It has been a long time coming — and Wake County voters owe it to themselves and to generations to come to support a small item with big possibilities on their November ballots: a one-half percent local sales and use tax dedicated to public transit systems. This tax will allow the county to catch up with the need for developing faster, more efficient transit systems and to plan connections with Orange and Durham counties.
The tax, which would support the Wake County Transit Plan, would triple bus service, make possible a “Bus Rapid Transit” (BRT) network with dedicated bus lanes in congested areas and better boarding platforms, and ultimately create a commuter rail line that would use existing tracks to make passenger train service across the county practical and offer relief from traffic congestion.
Transit services would run for longer hours, and schedules would be kept.
Here’s what else a comprehensive transit plan does: It speaks to needs for several generations: Older residents will have more and better ways to get to hospitals, doctors’ appointments, or just recreation. And they’ll get there on time and reliably with those dedicated bus lanes.
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And the transit plan has something for those who do like their cars: Less-crowded roads.
It’s a tax people won’t notice for a lot of benefits that are overdue. Republican county commissioners long delayed a transit vote — denying citizens even the right to have a say. It’s unfortunate that Wake now is going to play catch-up with nearby counties that did pass referendums. In time, it’s hoped all the transit systems can work together. In any case, citizens eventually revealed their feelings by voting the Republican commissioners out of office.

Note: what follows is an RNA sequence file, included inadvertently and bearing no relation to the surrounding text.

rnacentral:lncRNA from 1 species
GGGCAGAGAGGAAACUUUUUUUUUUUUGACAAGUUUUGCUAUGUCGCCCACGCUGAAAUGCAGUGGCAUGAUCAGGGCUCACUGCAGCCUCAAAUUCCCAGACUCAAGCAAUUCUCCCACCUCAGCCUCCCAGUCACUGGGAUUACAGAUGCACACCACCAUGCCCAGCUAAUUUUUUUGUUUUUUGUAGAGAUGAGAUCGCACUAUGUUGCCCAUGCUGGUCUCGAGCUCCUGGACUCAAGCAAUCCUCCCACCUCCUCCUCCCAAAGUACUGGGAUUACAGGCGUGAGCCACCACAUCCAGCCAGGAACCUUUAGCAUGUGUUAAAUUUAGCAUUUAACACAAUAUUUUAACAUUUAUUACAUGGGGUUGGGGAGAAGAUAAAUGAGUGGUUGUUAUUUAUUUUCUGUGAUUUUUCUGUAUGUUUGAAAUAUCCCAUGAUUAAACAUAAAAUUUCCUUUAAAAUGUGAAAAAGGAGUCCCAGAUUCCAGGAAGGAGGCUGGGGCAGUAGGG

But the most important step is ahead, and that’s passing the referendum so the county can begin to build the resources needed to move quickly on this 10-year plan. When finished, the county will be part of a region that can boast to prospective employers a number of transit options, cleaner air, and evidence of a place where government actually plans for the future. That’s going to be a tremendous help in drawing business to Wake and the region.
The delay in this vote was petty politics and damaging to the economy and the future of Wake County. At last, the chance to vote is here. Citizens need to remember as they go through their ballots not to forget to fill in the “for” oval for the transit referendum.